Jorge Luis García Pérez, who was imprisoned for 17 years, states that "the authorities in my country have never tolerated that a black person oppose the regime. During the trial, the color of my skin aggravated the situation. Later when I was mistreated in prison by guards, they always referred to me as being black." As a black prisoner of conscience, Oscar Elias Biscet wrote to Coretta Scott King in January 1999, "They [black Cubans] have a very low political, economic, and judicial representation in contrast to the numerous prevailing black penal population. This situation is never publicly manifested by the government but is a component of Communism's subtle politics of segregation." Black Cubans such as Biscet and Jorge Luis Garcia Perez have been allegedly forcefully separated from their families for criticizing Fidel Castro.
Even Fidel Castro expressed disappointment in the progress Cuba was having in addressing racism and race relations. He was quoted as saying: “One of the most just battles that must be fought, a battle that must be emphasized more and more, which I might call the fourth battle—the battle to end racial discrimination at work centers. I repeat: the battle to end racial discrimination at work centers. Of all the forms of racial discrimination the worst is the one that limits the colored Cuban's access to jobs.“ Castro pointed to the distinction between social segregation and employment, while placing great emphasis on correcting the latter.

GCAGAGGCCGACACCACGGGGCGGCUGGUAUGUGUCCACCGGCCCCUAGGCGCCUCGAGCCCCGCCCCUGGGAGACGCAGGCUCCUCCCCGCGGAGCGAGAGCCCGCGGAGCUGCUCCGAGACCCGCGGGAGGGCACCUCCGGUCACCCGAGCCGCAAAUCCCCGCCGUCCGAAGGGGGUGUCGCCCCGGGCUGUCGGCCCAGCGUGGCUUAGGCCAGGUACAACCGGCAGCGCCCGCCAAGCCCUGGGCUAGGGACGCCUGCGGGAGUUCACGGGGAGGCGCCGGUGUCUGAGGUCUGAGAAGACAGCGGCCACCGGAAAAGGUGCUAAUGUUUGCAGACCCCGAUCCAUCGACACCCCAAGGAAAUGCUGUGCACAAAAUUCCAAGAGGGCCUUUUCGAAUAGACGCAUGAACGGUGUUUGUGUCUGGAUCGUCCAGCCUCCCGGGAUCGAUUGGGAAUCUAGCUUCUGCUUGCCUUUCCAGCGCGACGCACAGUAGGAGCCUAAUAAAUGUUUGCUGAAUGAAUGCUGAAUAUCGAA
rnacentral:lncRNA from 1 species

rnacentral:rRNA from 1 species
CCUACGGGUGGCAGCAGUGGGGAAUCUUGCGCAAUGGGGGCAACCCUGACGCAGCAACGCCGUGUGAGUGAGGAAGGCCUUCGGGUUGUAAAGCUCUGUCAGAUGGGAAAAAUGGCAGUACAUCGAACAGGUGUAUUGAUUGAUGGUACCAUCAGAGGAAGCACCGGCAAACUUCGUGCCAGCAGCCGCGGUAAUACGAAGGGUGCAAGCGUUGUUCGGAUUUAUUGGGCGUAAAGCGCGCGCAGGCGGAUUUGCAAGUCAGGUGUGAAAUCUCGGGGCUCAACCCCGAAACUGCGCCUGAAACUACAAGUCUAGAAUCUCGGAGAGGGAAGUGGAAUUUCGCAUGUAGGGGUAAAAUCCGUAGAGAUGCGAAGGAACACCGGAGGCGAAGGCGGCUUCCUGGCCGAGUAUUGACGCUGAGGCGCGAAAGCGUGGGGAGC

Many who argue that Cuba is not racist base their claims on the idea of Latin American Exceptionalism. According to this concept, a social history of intermarriage and mixing of the races is unique to Latin America. The large mestizo populations that result from high levels of interracial union common to the region are often linked to racial democracy. For many Cubans this translates into an argument of “racial harmony,” often referred to as racial democracy. According to Mark Q. Sawyer, in the case of Cuba, it is this very idea of Latin American Exceptionalism that has delayed the progress of true racial harmony in Latin America.
Racism is alive and well all over the world. There is no post-racialism in the U.S., and Latin American has never been exceptional. Racism may never disappear but once there is authentic Black/Afrikan power, who cares about racism--it becomes just another prejudice. And it no longer becomes our burden, just theirs--the racists. As long as they can no longer impose their will on us—that's what matters. Racism without white supremacy is a paper tiger. So, the only way to render racism ineffective is to develop our power. Let's build Afrikan power period!!!